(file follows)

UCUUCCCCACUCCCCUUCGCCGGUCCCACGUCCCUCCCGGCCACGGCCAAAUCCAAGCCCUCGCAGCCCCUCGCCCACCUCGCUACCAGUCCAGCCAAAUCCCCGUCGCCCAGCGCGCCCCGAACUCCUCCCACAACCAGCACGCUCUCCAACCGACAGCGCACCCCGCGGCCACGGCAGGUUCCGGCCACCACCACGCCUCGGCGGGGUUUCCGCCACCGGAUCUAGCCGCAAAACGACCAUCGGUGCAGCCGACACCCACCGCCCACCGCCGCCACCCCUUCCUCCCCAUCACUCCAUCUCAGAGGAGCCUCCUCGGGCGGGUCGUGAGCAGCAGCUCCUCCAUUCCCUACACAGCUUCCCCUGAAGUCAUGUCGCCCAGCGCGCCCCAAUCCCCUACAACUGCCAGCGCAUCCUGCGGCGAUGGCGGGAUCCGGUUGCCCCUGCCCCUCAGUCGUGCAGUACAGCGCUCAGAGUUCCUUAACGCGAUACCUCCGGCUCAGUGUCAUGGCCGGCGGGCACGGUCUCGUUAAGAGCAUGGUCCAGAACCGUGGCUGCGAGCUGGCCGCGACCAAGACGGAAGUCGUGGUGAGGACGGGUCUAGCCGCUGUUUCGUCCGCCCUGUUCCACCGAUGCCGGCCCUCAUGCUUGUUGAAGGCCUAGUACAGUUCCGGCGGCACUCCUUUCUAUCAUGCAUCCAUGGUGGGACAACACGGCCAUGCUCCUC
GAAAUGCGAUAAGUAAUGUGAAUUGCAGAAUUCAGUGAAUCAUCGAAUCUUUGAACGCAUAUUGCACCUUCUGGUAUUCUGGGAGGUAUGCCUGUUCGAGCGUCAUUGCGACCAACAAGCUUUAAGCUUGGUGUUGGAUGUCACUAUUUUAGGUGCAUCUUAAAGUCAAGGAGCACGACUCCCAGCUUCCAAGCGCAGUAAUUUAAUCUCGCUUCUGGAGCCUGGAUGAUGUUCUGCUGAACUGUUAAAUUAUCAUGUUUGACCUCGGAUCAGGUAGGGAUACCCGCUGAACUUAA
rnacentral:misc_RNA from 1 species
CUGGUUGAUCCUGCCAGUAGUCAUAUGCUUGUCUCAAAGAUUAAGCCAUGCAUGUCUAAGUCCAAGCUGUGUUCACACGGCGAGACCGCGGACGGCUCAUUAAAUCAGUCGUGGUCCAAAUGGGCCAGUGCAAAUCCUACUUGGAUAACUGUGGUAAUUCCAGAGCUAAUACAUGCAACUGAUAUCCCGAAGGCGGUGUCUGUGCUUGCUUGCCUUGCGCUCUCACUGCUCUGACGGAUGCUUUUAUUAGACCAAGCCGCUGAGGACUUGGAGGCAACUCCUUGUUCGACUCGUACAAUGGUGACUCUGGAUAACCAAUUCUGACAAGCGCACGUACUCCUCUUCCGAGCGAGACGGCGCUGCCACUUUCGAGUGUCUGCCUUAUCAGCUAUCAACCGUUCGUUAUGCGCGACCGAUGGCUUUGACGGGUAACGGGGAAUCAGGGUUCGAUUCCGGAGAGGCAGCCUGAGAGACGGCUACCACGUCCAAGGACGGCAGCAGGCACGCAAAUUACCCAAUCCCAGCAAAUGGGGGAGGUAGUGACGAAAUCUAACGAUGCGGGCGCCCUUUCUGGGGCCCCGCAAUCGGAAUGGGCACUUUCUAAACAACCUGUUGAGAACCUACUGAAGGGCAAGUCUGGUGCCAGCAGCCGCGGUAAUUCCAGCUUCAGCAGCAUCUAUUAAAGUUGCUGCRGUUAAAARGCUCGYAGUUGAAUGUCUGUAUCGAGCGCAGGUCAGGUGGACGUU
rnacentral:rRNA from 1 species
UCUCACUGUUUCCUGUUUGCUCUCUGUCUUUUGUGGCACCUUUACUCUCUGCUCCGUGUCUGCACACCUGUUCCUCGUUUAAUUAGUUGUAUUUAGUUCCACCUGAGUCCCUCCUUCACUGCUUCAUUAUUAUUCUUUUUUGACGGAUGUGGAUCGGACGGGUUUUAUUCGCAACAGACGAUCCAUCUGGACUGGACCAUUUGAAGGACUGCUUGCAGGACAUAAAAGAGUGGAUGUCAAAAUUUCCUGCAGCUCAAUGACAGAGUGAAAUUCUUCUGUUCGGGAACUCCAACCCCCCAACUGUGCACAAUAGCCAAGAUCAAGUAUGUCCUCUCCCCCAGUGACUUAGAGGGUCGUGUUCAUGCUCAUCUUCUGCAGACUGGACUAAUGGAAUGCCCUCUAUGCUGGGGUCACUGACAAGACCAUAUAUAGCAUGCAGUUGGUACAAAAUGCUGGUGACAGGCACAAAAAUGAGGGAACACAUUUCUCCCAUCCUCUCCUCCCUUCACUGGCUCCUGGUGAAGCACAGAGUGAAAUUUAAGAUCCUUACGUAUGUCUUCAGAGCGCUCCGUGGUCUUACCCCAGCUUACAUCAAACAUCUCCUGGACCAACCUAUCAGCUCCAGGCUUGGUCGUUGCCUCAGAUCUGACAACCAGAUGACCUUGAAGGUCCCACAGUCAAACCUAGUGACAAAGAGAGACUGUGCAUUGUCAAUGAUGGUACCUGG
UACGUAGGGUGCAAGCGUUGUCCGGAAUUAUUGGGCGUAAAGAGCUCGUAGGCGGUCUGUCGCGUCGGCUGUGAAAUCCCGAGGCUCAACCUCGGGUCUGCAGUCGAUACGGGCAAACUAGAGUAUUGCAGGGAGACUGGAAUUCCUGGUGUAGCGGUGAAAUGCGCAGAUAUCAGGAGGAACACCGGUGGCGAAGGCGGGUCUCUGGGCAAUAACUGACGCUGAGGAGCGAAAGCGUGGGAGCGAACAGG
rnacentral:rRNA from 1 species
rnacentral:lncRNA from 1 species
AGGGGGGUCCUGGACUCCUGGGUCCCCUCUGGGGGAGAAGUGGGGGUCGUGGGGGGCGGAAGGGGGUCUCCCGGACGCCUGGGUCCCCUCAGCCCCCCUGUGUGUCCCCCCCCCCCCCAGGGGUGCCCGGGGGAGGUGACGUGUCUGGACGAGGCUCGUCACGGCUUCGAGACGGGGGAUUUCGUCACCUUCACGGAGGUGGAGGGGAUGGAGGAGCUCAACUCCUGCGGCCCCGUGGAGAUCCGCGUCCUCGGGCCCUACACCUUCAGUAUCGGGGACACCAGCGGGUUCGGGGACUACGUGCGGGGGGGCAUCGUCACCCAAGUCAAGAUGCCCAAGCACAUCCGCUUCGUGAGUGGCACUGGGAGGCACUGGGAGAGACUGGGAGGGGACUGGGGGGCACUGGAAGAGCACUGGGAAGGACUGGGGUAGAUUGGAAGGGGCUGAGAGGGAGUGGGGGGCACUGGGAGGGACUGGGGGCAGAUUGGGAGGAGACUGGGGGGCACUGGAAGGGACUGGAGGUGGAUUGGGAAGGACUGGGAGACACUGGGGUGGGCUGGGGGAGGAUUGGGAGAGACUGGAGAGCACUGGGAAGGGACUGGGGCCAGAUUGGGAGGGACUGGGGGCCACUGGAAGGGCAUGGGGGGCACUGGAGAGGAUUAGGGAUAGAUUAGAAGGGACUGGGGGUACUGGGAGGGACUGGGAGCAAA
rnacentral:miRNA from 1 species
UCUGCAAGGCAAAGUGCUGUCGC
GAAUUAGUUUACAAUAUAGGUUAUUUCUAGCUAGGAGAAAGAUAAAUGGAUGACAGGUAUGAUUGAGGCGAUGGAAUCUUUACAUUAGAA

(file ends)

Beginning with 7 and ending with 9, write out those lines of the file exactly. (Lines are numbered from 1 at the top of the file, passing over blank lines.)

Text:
UACGUAGGGUGCAAGCGUUGUCCGGAAUUAUUGGGCGUAAAGAGCUCGUAGGCGGUCUGUCGCGUCGGCUGUGAAAUCCCGAGGCUCAACCUCGGGUCUGCAGUCGAUACGGGCAAACUAGAGUAUUGCAGGGAGACUGGAAUUCCUGGUGUAGCGGUGAAAUGCGCAGAUAUCAGGAGGAACACCGGUGGCGAAGGCGGGUCUCUGGGCAAUAACUGACGCUGAGGAGCGAAAGCGUGGGAGCGAACAGG
rnacentral:rRNA from 1 species
rnacentral:lncRNA from 1 species